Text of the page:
I have a new admiration for Halloween. Of course, there is a lot to love about it - well, at least there is the whole candy thing. This year, though, I have a new appreciation for the simplicity of this holiday.
Halloween doesn't come with complicated back stories, like Christmas does - I don't have to muddle through difficult questions about how Santa really gets to all those houses in one night, how he fits down the chimney, or whether or not Elves know how to make Nintendo DS cartridges.
It doesn't have the logistical issues of Thanksgiving - travel plans, who is going where and when, congested highways full of grumpy travelers.
It isn't even all that over-commercialized. It seems like the great Merchandisers in the Sky already have their sights set on December when Halloween rolls around.
Halloween is straightforward: get yourself a costume, go around knocking on doors, come home with a bagful of candy. End of story. Right?
This year, Greta stayed true to her original idea of wanting to be a black cat for Halloween. Finn wanted to be a ghost, then Indiana Jones, then a dog, and then a cowboy... before settling on the idea of being a dragon. I sighed in relief - we inherited a perfect hand-me-down dragon costume from my sister-in-law a couple of years ago, so he was all set. For the past two days he babbled happily to anyone who stood still long enough to listen that he was going to be a "fyah bweathing dwagon". I didn't give his costume another thought.... until this morning, that is, when we were suiting up to head out to a daytime Halloween party.
Greta was good to go - we had assembled her costume days ago. She wore it around the house almost non-stop for the past four days.
"Go and grab your dragon costume, Finn," I said moments before we had to head out the door. It is one of the fleece costumes you just step into and zipper up. No mess, no fuss.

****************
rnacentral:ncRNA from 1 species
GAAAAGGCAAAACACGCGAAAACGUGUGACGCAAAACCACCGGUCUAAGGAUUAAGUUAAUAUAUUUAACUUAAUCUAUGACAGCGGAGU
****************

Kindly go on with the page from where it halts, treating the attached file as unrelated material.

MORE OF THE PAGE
A few moments later he wanders into the room with a puzzled expression. "It's not where it's 'posed to be," he says.
I stride confidently over to the costume drawer, certain he has missed it. Not there. I burrow through the playroom, the kids room, and every closet. No dragon costume. I'm pawing through boxes in the basement when it hits me... an image of me angrily stuffing the costume into a bag bound for Goodwill after the umpteenth time I tripped over it lying on the floor.
Finn has no costume.
By now he is looking up at me with a furrowed brow. "You have my costume, right Momma?" he pleads. His eyes are huge. "I weally, weally want to be a fyah bweathing dwagon!"
I'm frozen on the spot.
"Uh.... er.... ummmm." I stutter.
Greta looks at me uncertainly. "You do have his costume, right Mom?"
"Well, no. No, actually I don't," I begin. I'm at a complete loss for words. One big fat tear rolls down Finn's cheek.
Greta gives me a pointed look, and rummages through the costume drawer. She emerges with a Scooby Doo costume - another hand-me-down.
"LOOK, Finn!" she says. "It's Scooby Doo!"
Finn sniffs. "It's not a fyah bweathing dwagon," he says, looking at the floor. "I don't wanna be Scooby Doo."
I'm still standing there like a deer in headlights. Greta says, "Well, the Scooby Doo costume is for big boys. I don't know if you're old enough to wear it yet."
Finn perks right up. "YES I AM!" he shouts. "I wanna be Scooby Doo!!!!"
We zip him into the costume, and he struts around proudly. I pull Greta aside and give her a hug. "You are the best big sister, hon. Thank you."
She grins. "I know."
Sometimes, they fight like cats and dogs. Today? Not so much.